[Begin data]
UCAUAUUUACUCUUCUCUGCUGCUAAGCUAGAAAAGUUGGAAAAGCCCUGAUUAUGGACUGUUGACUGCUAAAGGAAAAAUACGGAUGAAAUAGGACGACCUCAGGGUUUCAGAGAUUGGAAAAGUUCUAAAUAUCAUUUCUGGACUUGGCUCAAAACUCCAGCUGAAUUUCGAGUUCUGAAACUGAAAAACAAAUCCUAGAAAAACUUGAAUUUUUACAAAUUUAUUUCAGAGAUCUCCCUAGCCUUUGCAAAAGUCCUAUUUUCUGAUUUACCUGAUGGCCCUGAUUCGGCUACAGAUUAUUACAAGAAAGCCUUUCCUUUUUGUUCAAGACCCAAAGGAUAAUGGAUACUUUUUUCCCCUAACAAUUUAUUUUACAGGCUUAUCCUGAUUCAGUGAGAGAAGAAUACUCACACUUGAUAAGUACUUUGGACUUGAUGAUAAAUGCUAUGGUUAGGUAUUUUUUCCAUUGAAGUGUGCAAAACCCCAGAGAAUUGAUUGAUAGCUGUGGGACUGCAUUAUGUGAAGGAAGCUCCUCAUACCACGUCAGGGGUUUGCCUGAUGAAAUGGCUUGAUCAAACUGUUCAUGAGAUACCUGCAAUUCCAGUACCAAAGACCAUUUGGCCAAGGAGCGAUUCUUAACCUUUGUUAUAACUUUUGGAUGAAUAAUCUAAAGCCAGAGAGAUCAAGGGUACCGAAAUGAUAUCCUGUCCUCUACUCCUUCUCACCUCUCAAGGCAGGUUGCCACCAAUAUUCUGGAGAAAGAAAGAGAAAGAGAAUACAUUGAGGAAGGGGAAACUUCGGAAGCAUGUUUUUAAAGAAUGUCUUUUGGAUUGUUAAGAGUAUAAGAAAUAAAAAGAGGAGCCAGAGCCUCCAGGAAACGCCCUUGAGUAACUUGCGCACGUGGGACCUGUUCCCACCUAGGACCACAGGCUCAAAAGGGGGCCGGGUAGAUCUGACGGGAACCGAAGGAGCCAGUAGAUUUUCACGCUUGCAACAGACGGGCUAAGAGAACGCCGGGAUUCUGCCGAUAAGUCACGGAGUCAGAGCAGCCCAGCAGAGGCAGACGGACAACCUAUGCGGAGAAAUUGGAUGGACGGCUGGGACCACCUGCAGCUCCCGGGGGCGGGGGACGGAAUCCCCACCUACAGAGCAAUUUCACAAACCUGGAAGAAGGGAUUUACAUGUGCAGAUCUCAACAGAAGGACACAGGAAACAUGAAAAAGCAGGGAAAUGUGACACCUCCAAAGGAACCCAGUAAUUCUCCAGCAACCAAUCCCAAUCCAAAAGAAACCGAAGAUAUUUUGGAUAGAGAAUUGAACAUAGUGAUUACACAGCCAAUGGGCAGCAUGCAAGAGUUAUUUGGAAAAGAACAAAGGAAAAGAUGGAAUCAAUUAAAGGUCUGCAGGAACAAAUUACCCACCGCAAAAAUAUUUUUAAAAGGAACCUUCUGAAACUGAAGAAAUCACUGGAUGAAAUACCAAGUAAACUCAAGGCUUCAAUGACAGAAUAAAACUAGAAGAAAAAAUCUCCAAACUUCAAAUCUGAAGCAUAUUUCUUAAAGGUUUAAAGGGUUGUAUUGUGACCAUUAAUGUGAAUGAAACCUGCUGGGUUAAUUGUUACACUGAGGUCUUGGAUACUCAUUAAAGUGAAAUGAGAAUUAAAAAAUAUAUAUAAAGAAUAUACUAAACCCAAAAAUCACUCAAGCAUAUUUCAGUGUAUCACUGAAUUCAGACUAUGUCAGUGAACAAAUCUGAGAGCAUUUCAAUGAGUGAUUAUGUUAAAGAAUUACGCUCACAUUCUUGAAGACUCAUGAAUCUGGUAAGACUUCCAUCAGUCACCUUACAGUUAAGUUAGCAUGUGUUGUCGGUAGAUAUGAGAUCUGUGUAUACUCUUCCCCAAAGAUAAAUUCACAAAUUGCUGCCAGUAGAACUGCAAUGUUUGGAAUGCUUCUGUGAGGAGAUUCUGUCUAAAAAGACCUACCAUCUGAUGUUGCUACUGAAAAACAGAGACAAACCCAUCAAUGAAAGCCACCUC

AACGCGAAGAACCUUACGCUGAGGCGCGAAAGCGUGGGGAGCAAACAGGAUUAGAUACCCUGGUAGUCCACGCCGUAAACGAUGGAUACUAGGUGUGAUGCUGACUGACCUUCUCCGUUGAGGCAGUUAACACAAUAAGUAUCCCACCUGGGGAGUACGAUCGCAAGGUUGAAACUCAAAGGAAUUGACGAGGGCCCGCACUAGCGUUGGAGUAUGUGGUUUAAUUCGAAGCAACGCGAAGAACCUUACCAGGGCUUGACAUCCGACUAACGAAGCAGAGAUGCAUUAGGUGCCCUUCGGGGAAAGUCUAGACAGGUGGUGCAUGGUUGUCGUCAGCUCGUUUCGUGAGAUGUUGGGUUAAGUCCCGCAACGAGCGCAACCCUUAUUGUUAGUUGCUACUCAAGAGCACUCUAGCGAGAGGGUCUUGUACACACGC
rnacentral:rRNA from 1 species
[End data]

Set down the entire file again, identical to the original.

UCAUAUUUACUCUUCUCUGCUGCUAAGCUAGAAAAGUUGGAAAAGCCCUGAUUAUGGACUGUUGACUGCUAAAGGAAAAAUACGGAUGAAAUAGGACGACCUCAGGGUUUCAGAGAUUGGAAAAGUUCUAAAUAUCAUUUCUGGACUUGGCUCAAAACUCCAGCUGAAUUUCGAGUUCUGAAACUGAAAAACAAAUCCUAGAAAAACUUGAAUUUUUACAAAUUUAUUUCAGAGAUCUCCCUAGCCUUUGCAAAAGUCCUAUUUUCUGAUUUACCUGAUGGCCCUGAUUCGGCUACAGAUUAUUACAAGAAAGCCUUUCCUUUUUGUUCAAGACCCAAAGGAUAAUGGAUACUUUUUUCCCCUAACAAUUUAUUUUACAGGCUUAUCCUGAUUCAGUGAGAGAAGAAUACUCACACUUGAUAAGUACUUUGGACUUGAUGAUAAAUGCUAUGGUUAGGUAUUUUUUCCAUUGAAGUGUGCAAAACCCCAGAGAAUUGAUUGAUAGCUGUGGGACUGCAUUAUGUGAAGGAAGCUCCUCAUACCACGUCAGGGGUUUGCCUGAUGAAAUGGCUUGAUCAAACUGUUCAUGAGAUACCUGCAAUUCCAGUACCAAAGACCAUUUGGCCAAGGAGCGAUUCUUAACCUUUGUUAUAACUUUUGGAUGAAUAAUCUAAAGCCAGAGAGAUCAAGGGUACCGAAAUGAUAUCCUGUCCUCUACUCCUUCUCACCUCUCAAGGCAGGUUGCCACCAAUAUUCUGGAGAAAGAAAGAGAAAGAGAAUACAUUGAGGAAGGGGAAACUUCGGAAGCAUGUUUUUAAAGAAUGUCUUUUGGAUUGUUAAGAGUAUAAGAAAUAAAAAGAGGAGCCAGAGCCUCCAGGAAACGCCCUUGAGUAACUUGCGCACGUGGGACCUGUUCCCACCUAGGACCACAGGCUCAAAAGGGGGCCGGGUAGAUCUGACGGGAACCGAAGGAGCCAGUAGAUUUUCACGCUUGCAACAGACGGGCUAAGAGAACGCCGGGAUUCUGCCGAUAAGUCACGGAGUCAGAGCAGCCCAGCAGAGGCAGACGGACAACCUAUGCGGAGAAAUUGGAUGGACGGCUGGGACCACCUGCAGCUCCCGGGGGCGGGGGACGGAAUCCCCACCUACAGAGCAAUUUCACAAACCUGGAAGAAGGGAUUUACAUGUGCAGAUCUCAACAGAAGGACACAGGAAACAUGAAAAAGCAGGGAAAUGUGACACCUCCAAAGGAACCCAGUAAUUCUCCAGCAACCAAUCCCAAUCCAAAAGAAACCGAAGAUAUUUUGGAUAGAGAAUUGAACAUAGUGAUUACACAGCCAAUGGGCAGCAUGCAAGAGUUAUUUGGAAAAGAACAAAGGAAAAGAUGGAAUCAAUUAAAGGUCUGCAGGAACAAAUUACCCACCGCAAAAAUAUUUUUAAAAGGAACCUUCUGAAACUGAAGAAAUCACUGGAUGAAAUACCAAGUAAACUCAAGGCUUCAAUGACAGAAUAAAACUAGAAGAAAAAAUCUCCAAACUUCAAAUCUGAAGCAUAUUUCUUAAAGGUUUAAAGGGUUGUAUUGUGACCAUUAAUGUGAAUGAAACCUGCUGGGUUAAUUGUUACACUGAGGUCUUGGAUACUCAUUAAAGUGAAAUGAGAAUUAAAAAAUAUAUAUAAAGAAUAUACUAAACCCAAAAAUCACUCAAGCAUAUUUCAGUGUAUCACUGAAUUCAGACUAUGUCAGUGAACAAAUCUGAGAGCAUUUCAAUGAGUGAUUAUGUUAAAGAAUUACGCUCACAUUCUUGAAGACUCAUGAAUCUGGUAAGACUUCCAUCAGUCACCUUACAGUUAAGUUAGCAUGUGUUGUCGGUAGAUAUGAGAUCUGUGUAUACUCUUCCCCAAAGAUAAAUUCACAAAUUGCUGCCAGUAGAACUGCAAUGUUUGGAAUGCUUCUGUGAGGAGAUUCUGUCUAAAAAGACCUACCAUCUGAUGUUGCUACUGAAAAACAGAGACAAACCCAUCAAUGAAAGCCACCUC

AACGCGAAGAACCUUACGCUGAGGCGCGAAAGCGUGGGGAGCAAACAGGAUUAGAUACCCUGGUAGUCCACGCCGUAAACGAUGGAUACUAGGUGUGAUGCUGACUGACCUUCUCCGUUGAGGCAGUUAACACAAUAAGUAUCCCACCUGGGGAGUACGAUCGCAAGGUUGAAACUCAAAGGAAUUGACGAGGGCCCGCACUAGCGUUGGAGUAUGUGGUUUAAUUCGAAGCAACGCGAAGAACCUUACCAGGGCUUGACAUCCGACUAACGAAGCAGAGAUGCAUUAGGUGCCCUUCGGGGAAAGUCUAGACAGGUGGUGCAUGGUUGUCGUCAGCUCGUUUCGUGAGAUGUUGGGUUAAGUCCCGCAACGAGCGCAACCCUUAUUGUUAGUUGCUACUCAAGAGCACUCUAGCGAGAGGGUCUUGUACACACGC
rnacentral:rRNA from 1 species